Doing technology implementation in a company can be frustrating, but it doesn’t seem to get the dander up as much as a sputtering printer or a downed hard drive. At techKNOW-HOW, they’re ready to tame your technology.
Doing technology implementation in a company can be frustrating, but it doesn’t seem to get the dander up as much as a sputtering printer or a downed hard drive. At Atlanta-based techKNOW-HOW, they’re ready to tame your technology. Founder and president Anthony Perez chats about passion, craziness, and computer therapy.
How did techKNOW-HOW get started?
I found myself helping friends and family with everything from VCR programming to printer fixes to shopping for digital cameras, and it became apparent to me that there was a great need for someone like myself just to help people make sense of this technology that, in some senses, was being forced upon them.
I began researching the possibility of starting a company to do just that–help people with technology and at an affordable cost. Finally, a friend who was helping me re-write my resume insisted on hearing about my business idea. Our original business plan has expanded to providing IT support to small businesses but the vision has stayed consistent–to help people make sense of technology and allow them to get on with their lives.
What got you personally interested in doing this work?
My own experience taught me that once I overcame my frustration, anxiety, and fear of working with technology, I was able to see the true value of the computer as not only a productivity tool but as an outlet, a facilitator of my creative life.
I felt that if I could help people relate to the computer on their terms solve their hardware issues and then just share my passion for what technology can do, then more people could find out what I did. It is this passion for sharing the great benefits of technology and the belief that people should be able to just turn on the computer and go that drives me daily to do what we do at techKNOW-HOW.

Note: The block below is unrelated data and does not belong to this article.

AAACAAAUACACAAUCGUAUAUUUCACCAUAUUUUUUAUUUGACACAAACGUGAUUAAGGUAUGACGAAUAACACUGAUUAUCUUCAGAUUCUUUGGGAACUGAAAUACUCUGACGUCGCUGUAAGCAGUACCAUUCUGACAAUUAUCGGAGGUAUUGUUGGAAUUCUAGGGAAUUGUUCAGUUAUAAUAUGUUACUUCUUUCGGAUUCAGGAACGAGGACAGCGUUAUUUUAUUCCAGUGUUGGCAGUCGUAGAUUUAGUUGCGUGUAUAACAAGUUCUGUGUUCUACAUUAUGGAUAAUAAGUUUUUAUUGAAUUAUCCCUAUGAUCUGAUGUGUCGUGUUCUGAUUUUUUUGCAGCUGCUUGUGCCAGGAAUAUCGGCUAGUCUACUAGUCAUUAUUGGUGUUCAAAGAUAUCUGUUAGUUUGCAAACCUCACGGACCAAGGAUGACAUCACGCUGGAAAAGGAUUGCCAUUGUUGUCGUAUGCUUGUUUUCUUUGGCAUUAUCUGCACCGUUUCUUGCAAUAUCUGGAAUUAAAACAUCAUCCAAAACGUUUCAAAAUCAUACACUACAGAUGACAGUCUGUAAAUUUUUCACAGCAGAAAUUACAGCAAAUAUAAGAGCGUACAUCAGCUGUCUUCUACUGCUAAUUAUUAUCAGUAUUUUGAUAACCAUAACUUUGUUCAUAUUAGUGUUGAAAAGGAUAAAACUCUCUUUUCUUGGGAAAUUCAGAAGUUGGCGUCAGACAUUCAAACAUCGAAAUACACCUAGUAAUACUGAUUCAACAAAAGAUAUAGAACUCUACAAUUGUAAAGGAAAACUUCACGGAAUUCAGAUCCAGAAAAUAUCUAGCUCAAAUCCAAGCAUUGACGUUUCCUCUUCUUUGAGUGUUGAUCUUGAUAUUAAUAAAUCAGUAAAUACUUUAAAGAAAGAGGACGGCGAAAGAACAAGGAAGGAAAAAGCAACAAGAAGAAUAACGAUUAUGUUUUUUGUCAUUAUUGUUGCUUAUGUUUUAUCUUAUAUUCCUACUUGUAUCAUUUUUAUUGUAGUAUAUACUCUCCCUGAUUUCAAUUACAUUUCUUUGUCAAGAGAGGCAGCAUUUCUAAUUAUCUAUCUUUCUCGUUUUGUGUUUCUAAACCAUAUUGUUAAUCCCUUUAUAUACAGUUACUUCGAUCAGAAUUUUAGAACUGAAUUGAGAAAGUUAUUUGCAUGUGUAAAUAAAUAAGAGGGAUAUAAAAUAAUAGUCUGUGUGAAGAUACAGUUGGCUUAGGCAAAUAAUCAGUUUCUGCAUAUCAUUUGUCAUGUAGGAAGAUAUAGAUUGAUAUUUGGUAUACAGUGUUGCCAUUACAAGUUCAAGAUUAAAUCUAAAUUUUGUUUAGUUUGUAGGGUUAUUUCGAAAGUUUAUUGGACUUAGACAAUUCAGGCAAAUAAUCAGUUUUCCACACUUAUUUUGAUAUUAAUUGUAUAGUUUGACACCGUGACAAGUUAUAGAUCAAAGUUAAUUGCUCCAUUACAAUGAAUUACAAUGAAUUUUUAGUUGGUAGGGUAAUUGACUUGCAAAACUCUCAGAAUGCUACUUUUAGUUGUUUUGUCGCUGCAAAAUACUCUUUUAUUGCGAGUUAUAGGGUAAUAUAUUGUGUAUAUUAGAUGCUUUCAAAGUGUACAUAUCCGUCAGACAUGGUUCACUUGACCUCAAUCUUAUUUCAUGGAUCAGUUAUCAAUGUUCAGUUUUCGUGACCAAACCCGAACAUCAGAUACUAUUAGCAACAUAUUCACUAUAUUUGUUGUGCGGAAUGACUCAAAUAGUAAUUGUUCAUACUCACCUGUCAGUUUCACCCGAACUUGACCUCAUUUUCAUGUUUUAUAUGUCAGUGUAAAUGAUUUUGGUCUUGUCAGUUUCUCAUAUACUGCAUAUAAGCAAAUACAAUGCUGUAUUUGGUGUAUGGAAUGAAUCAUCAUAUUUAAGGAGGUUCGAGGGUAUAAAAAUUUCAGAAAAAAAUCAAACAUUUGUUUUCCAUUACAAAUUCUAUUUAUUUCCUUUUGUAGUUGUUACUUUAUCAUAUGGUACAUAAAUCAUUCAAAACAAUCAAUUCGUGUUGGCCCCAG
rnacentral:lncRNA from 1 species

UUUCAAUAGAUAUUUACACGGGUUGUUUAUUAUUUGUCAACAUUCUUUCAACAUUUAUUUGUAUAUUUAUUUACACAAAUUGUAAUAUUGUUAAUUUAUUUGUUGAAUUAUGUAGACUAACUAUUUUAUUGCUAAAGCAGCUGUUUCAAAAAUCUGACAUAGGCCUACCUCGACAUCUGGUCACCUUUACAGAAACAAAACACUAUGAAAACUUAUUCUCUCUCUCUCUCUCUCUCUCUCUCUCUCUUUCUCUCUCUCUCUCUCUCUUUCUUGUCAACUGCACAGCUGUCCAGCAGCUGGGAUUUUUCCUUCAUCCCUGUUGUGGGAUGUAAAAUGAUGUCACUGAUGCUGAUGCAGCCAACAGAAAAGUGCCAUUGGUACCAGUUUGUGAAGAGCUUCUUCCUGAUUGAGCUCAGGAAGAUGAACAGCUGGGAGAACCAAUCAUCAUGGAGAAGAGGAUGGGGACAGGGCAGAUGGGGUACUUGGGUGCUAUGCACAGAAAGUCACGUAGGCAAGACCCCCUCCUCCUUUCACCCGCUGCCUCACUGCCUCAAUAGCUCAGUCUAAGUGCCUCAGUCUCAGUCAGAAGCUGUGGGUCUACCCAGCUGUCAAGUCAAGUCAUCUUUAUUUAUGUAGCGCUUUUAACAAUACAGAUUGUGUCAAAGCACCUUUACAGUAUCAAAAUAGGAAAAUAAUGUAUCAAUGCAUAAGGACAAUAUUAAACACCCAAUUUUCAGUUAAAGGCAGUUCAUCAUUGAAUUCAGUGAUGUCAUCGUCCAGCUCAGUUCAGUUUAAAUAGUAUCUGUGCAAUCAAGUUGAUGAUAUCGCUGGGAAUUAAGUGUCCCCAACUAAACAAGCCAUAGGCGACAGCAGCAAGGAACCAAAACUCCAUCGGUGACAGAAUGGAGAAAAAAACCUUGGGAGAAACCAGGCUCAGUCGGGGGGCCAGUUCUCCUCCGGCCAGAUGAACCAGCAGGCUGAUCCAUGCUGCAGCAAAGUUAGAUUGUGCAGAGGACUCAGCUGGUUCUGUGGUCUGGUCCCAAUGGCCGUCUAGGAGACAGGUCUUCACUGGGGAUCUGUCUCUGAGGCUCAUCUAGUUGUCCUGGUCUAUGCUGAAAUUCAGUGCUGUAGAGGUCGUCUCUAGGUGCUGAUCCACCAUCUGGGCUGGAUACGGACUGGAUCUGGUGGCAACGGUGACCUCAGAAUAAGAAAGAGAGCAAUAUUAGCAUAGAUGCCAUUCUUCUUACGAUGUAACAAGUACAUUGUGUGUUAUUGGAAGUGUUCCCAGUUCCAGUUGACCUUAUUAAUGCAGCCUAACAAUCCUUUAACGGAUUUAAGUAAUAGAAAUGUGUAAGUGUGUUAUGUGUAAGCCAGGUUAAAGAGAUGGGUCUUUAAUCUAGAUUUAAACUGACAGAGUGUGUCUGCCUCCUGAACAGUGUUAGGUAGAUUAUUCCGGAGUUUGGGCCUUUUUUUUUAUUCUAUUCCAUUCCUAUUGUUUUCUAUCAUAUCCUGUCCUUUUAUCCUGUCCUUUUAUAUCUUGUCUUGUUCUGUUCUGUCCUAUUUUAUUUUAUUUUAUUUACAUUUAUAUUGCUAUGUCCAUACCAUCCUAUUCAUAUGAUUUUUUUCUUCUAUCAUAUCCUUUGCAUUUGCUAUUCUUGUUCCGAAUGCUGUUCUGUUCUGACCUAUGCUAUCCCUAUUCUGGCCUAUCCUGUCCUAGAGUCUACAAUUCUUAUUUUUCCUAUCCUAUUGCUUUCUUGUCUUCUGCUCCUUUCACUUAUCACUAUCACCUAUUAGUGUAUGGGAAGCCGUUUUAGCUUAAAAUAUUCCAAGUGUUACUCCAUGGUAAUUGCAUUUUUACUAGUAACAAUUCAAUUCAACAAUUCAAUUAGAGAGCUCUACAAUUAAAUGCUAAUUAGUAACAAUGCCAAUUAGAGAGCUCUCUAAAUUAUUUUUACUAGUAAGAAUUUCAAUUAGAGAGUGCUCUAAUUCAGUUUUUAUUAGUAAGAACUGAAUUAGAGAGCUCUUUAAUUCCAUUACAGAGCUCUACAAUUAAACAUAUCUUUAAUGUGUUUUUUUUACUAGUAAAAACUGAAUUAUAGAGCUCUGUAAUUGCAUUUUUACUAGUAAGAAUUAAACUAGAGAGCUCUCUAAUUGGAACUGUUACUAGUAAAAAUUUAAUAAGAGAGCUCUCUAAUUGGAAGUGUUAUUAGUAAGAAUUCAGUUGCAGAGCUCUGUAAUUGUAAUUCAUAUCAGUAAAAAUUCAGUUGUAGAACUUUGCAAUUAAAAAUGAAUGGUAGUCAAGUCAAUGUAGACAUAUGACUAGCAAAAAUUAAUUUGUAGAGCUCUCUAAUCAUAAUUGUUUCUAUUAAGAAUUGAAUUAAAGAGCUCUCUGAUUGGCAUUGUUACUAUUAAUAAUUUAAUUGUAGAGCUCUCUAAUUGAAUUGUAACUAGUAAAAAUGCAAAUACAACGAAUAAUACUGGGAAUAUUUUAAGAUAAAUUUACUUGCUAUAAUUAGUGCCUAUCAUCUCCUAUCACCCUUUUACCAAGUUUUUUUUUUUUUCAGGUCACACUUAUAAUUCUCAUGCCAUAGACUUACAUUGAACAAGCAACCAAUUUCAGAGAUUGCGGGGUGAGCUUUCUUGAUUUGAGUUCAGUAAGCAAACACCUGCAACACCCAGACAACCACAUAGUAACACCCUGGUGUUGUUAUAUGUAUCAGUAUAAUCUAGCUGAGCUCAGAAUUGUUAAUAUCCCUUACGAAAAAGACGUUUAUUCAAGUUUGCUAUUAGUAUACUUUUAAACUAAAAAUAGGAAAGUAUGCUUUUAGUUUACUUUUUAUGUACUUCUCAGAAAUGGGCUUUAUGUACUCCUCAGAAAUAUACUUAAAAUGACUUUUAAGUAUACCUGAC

In your marketing and advertising, what made you decide to use “therapy” as an analogy for what you do?
People get way too emotionally involved with their computers. Computers cause us to get angry at them, swear at them, hit them. They can cripple a business. Our job is to make that anxiety, anger, and frustration go away. We don’t care what technology drives our clients crazy, we just care about how our clients relate to the technology they use. Our job is help them, not just solve the technology problem.
What are the largest challenges that you see in providing your service?
I think the greatest challenge is in growing our business without sacrificing our commitment to client service. Our greatest fear is to grow so fast that our level of service drops, and that is not acceptable. If we can’t be responsive to our clients, then we need to find something else to do.
Beyond that, the next greatest challenge is the variety of equipment, problems, and system variables we encounter on a daily basis. In one day we may work with clients who own DOS computers that don’t print, a Macintosh with USB issues, a wireless router that needs therapy and then end the day with a computer used for music downloading that is utterly corrupt with spyware. Just keeping up the amount of knowledge necessary to address these issues is challenge enough.
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